Unfortunately, it’s not always clear to see whether your snail is only sleeping or if they’re dead. Though some snails appear to be awake 24 hours a day, it seems like others can sleep for several days straight.
Because of this, you may be wondering whether your aquarium snail is dead. In this article, not only will we go over all the different signs your snail has passed, but also the lifespan of some of the most common snails, and most importantly, what to do with your dead snail!
So keep reading to find out everything you need to know!
How to Tell if An Aquarium Snail Is Dead?
While snails are hardy, of course, your snail is going to die at some point. So if you’re wondering whether your snail is dead or sleeping, here are a few of the things you should look out for!
Sniffing a snail can quickly reveal whether or not it is still alive. Yes, it’s gross, but it works. If a live snail has any odor at all, it will be “fishy” or very similar to the scent of the aquarium water.
On the other hand, once a snail dies, its odor will permeate the area. Dead snails start to smell quickly because of the rapid decomposition that occurs when something rots in water.
Closely Look at It
If your snail isn’t moving and isn’t nestled inside its shell, it’s probably dead. After death, a snail’s body loses the ability to retract within its shell, giving the appearance that it is flopping out of the shell.
If your snail’s body has completely separated from its shell, it is either already dead or has undergone a mantle collapse, in which case it should be euthanized immediately to save further pain and suffering.
However, it’s important to remember, that some snails will retract into their shells when they die, so just because you can’t see them, doesn’t mean they aren’t dead.
Take the snail in your hands and examine it well. The snail is alive if it moves when you touch it or if it squirms when you take it out of the water. However, some snails will be stubborn and seemingly unresponsive.
Touching the snail’s operculum will elicit a response from it. Whenever you touch a living snail’s operculum, (the trapdoor) it will quickly retreat or hide inside its shell.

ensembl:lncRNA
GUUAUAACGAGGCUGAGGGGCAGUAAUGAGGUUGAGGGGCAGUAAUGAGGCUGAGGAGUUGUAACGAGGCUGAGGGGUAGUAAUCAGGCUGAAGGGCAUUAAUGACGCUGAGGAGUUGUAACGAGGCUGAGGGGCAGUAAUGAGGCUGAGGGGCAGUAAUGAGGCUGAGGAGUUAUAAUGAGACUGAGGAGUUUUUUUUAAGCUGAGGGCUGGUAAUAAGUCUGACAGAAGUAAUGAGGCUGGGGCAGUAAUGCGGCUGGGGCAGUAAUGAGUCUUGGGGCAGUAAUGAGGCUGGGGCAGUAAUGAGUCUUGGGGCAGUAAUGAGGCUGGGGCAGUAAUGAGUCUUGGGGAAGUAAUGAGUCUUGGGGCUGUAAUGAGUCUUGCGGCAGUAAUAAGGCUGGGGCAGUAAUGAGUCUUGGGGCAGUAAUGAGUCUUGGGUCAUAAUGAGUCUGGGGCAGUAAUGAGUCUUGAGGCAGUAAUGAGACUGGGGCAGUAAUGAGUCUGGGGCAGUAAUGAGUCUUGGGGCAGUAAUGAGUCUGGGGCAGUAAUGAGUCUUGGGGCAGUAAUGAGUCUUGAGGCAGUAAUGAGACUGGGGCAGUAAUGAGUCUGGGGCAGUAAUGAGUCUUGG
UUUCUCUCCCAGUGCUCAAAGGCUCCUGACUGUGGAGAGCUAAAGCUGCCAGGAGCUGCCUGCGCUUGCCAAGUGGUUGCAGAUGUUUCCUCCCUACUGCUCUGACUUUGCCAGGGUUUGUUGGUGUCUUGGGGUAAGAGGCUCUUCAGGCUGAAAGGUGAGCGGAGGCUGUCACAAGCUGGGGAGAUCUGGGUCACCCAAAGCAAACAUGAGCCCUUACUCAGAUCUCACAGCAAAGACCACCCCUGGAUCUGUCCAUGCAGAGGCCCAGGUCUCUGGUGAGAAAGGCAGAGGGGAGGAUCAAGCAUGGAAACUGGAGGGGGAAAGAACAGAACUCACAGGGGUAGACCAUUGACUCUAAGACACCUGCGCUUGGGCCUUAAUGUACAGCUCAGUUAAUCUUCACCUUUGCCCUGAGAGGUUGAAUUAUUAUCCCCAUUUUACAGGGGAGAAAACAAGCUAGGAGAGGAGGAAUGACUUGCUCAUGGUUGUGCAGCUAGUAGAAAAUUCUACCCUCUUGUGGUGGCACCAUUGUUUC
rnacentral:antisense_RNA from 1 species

It Hasn’t Moved Around For A While
While it’s not a definitive reason, another sign that your aquarium snail has died is if that they haven’t moved around in a while. In fact, it’s even more likely if you notice their shell is slightly moving with the current of the filter in your tank.
Check Tank Companions
Most of your snails tank mates will happily feed on him if he’s died. If you encounter bullying behavior from tank mates like goldfish or loaches, your snail may be in danger.
In contrast, if your snail’s tranquil tank mates, such as ramshorn snails or dwarf shrimp, show an interest in the snail’s meaty parts, it is likely that the snail is already dead.
These cleaners will keep the tank ecosystem in check and lessen the likelihood of problems caused by the snail’s decomposition.
However, you shouldn’t leave a dead snail in the tank on purpose for the other animals to eat, as it will also increase the amounts of ammonia in the tank.
Try To Feed It Some Food
As i was looking through answers for ways to tell whether a snail is dead or not, I came across this one which I absolutely love! Try to put some food out for your snail to see if it eats it.
Even if it’s not dead, if your snail doesn’t want to eat it’s favourite food, then it may still be sick!
Look For It’s Heartbeat Through It’s Shell
Now I haven’t tried this myself, but apparently if you shine a light on a snails shell you can see their heartbeat through it, according to the Carnegie Museum of Natural History. So if you’re still unsure, why not give that a try!
What Is the Lifespan of Aquarium Snails?
Generally speaking, aquarium snails can live anywhere from 1-5 years depending on the species and the care provided.
Here’s a rough list of how long some of the most common aquarium snails live for!
|Black Devil Snail
|Zebra Nerite Snail
|Japanese Trapdoor Snail
|Malaysian Trumpet Snail
|White Wizard Snail
What to Do with A Dead Aquarium Snail?
It’s crucial that you avoid touching any snail carcasses or touching any pieces of the snail that may still be attached to them. The odor of a dead snail is quite strong and difficult to remove. Dead snails should not be thrown away in the trash after being taken from the aquarium.
A better option is to acquire a zip lock bag and store the snail inside of it. The unpleasant odor will be mitigated after the snail in the bag has been frozen. Take the snail out of the freezer and dispose of it when you’re done with the trash.
After discovering a dead snail, check in on the aquarium. Quickly check the characteristics of your water supply for the presence of dissolved ammonia. If so, a large water change (40-50% of the tank’s volume) can assist your aquarium stabilize itself and fight against the increase.
How to Tell if Your Snail Is Sleeping or Dead?
It’s natural to worry when you check on your snail and notice that it’s been sitting still for a while. Maybe it may come as a relief to realize that snails in aquariums have a sneaky way of frightening their caretakers. Just because your snail isn’t moving right now doesn’t always mean it’s dead.
|Sleeping or Resting Snail
|What To Do
|Putrid, bad odor
|No odor or a normal snail smell
|Sniff test is the quickest way to confirm.